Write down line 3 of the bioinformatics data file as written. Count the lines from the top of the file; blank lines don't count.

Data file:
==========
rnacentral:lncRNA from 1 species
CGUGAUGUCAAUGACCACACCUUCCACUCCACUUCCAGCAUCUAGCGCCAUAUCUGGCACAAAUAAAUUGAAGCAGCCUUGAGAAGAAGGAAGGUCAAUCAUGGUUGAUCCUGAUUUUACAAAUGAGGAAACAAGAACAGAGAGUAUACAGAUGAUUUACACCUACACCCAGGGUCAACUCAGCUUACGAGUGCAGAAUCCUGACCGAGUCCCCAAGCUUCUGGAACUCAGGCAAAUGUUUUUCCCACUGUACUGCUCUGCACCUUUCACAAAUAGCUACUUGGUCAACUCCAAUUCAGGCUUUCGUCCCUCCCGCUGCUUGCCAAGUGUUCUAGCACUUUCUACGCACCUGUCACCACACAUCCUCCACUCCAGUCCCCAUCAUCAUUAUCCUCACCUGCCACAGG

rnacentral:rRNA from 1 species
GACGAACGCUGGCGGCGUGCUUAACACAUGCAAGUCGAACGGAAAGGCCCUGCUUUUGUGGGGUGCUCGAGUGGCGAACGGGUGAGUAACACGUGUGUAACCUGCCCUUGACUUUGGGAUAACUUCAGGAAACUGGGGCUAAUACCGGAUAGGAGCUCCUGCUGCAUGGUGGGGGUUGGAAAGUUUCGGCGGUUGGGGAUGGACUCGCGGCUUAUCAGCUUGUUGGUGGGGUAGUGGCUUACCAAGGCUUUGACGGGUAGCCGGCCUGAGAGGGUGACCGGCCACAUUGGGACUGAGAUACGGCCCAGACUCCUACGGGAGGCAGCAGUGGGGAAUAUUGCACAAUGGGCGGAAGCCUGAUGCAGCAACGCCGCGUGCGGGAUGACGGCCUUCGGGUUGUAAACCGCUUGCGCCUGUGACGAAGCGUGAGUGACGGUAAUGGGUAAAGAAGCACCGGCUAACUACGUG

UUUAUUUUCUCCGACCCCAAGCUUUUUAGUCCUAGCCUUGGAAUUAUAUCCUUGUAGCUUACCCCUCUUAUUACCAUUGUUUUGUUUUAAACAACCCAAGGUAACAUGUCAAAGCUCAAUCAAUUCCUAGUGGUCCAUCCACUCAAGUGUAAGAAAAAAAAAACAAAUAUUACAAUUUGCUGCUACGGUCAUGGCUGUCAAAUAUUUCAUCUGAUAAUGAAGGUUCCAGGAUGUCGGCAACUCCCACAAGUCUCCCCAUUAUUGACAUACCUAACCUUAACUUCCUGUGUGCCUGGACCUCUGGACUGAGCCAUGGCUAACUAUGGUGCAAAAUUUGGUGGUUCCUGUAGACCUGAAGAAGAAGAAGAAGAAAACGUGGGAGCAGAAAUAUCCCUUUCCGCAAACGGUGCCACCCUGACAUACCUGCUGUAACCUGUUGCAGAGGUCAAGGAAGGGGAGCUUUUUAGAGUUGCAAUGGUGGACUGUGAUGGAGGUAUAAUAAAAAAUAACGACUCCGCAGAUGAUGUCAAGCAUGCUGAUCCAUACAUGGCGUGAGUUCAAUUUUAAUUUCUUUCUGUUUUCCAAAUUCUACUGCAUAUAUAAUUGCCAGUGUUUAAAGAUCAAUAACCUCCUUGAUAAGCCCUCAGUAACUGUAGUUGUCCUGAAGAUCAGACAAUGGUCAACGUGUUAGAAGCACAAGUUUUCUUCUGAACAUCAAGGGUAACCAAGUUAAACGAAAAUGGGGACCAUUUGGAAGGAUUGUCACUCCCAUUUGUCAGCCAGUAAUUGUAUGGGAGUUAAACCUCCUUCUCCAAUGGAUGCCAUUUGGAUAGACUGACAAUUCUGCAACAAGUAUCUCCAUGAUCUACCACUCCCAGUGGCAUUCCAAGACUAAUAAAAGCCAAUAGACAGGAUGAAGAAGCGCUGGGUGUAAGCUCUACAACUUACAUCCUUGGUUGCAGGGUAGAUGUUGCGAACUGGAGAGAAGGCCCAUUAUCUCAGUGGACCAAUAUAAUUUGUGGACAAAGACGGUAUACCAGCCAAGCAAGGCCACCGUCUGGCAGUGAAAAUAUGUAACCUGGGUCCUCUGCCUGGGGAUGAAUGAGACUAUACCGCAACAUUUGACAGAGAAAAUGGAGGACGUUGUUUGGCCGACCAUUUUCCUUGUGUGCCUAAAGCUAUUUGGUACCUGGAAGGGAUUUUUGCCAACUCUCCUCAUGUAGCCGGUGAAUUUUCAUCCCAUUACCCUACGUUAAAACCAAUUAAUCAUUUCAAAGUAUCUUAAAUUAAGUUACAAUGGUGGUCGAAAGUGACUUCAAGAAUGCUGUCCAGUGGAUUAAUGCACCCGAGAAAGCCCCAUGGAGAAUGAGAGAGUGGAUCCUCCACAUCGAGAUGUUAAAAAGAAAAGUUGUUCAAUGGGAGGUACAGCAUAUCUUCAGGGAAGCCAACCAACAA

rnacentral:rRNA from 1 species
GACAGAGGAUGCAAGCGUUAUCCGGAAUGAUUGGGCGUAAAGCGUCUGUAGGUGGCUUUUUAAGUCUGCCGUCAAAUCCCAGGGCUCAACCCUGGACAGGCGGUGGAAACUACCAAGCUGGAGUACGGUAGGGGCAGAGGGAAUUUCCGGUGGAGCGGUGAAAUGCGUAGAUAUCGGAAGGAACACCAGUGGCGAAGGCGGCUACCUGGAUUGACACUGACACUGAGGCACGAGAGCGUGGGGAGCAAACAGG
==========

rnacentral:rRNA from 1 species